Life may force us to unwillingly bear another's burden. It may involve taking an aging relative into our homes (Psa. 71:9, 18). It may be dealing with a child born with some handicap or with a spouse's failing health in the later years. It could be accepting a relative's financial obligations when they can't do for themselves (1 Tim. 5:16). It may be taking in a grandchild to rear when this seems the only way the little fellow has a decent shot at life (Prov. 22:6). Yes, we may have to bear another's burden.
Life evidently changed forever for the better.
What was Simon's reaction to this forbidding experience? It is not what life does to us that really matters; it is our reaction to what life does. "To them that love God," declares Paul, "all things work together for good" (Rom. 8:28). It is interesting to follow what we know of Simon from this time on. In Acts 13:1 (perhaps written about A.D. 45), there is a Simeon called "Niger." Simeon is another form of Simon and Niger was the King James term for a man of swarthy skin who came from Africa (Cyrene was in Africa) (Barclay). Many scholars believe this is the same man. If so, Simon had been converted to the Lord whose cross he carried! Add to this, Mark describes him as Alexander and Rufus' father (15:21). We identify a man by his sons only when they are well-known to those to which we wrote. Thus, when Mark was written (A.D. 55-60), Alexander and Rufus must have been well-known Christians. Further, most think Mark was written to the church at Rome. To them Paul writes, "Salute Rufus chosen in the Lord, and his mother and mine" (Rom. 16:13). It could be that this is the same Rufus, son of Simon of Cyrene, who ended up in the church of Christ at Rome. If this speculation is true, the whole family had been converted (note his mother is also mentioned). That which had seemed his day of shame became his day of glory!
Either way, the application to us remains the same. Let us be flexible in life, allowing for unforeseen changes without bitterness (Eph. 4:31; Col. 3:19). Let's "bear one another's burdens" (Gal. 6:2 with a song in our hearts and not a frown on our faces. Think of Joseph. Full of dreams, he left his father's tent one morning to visit his brothers down at Dothan (Gen. 37:17). But when his harsh brothers saw him coming, they formed different plans for him. In bitter hate, they tore off his sporty coat and pitched him into an old well. Soon merchants headed for Egypt came by, and one brother (with an eye for business) suggested, "Let's not kill him, lest his blood be on our hands. Let's sell him, then we shall not only be guiltless of his blood, but we shall be twenty dollars to the good." Since "business is business" they all agreed that such an opportunity must not be passed up. They thus tore all his plans into shreds and changed the entire course of his life. Instead of turning back to his father's tent, he headed toward a palace on the Nile. Nonetheless, he didn't become bitter or sullen. He made the best of his situation, and ended up--many years later--at Pharaoh's right hand (Gen. 41:40). God worked it for good, though Joseph could not have seen it in that way years before.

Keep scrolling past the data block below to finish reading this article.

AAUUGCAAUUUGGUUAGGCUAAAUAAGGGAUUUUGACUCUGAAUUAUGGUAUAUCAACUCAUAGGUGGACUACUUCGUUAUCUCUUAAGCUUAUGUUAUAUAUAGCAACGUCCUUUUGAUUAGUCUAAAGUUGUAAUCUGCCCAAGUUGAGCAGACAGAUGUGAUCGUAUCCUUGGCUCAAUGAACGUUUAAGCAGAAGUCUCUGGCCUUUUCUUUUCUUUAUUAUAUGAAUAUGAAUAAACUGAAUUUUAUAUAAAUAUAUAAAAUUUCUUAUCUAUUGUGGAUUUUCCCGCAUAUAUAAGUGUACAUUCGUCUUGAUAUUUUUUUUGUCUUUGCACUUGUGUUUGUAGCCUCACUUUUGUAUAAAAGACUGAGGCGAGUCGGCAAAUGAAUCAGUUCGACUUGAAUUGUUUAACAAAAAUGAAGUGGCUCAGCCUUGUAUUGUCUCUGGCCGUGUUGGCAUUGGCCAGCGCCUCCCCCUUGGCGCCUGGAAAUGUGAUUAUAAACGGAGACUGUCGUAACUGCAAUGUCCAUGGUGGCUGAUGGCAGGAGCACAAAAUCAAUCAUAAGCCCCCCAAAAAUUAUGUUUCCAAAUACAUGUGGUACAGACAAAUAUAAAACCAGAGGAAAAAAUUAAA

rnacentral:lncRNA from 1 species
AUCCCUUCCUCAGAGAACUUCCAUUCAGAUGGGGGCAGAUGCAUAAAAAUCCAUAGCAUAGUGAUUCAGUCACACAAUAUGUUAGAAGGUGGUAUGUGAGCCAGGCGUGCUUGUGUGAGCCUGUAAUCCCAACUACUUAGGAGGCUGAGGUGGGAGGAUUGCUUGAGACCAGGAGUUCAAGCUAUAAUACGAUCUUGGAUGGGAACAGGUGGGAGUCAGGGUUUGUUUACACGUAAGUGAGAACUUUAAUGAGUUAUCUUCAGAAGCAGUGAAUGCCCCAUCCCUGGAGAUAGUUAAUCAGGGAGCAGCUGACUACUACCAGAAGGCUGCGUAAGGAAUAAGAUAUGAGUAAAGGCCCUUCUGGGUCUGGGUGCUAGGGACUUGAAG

When we find ourselves far from where we would have chosen to be, bearing a burden that rightfully is not ours to carry, let's bring God greater glory by creasing our countenances with cheerful smiles.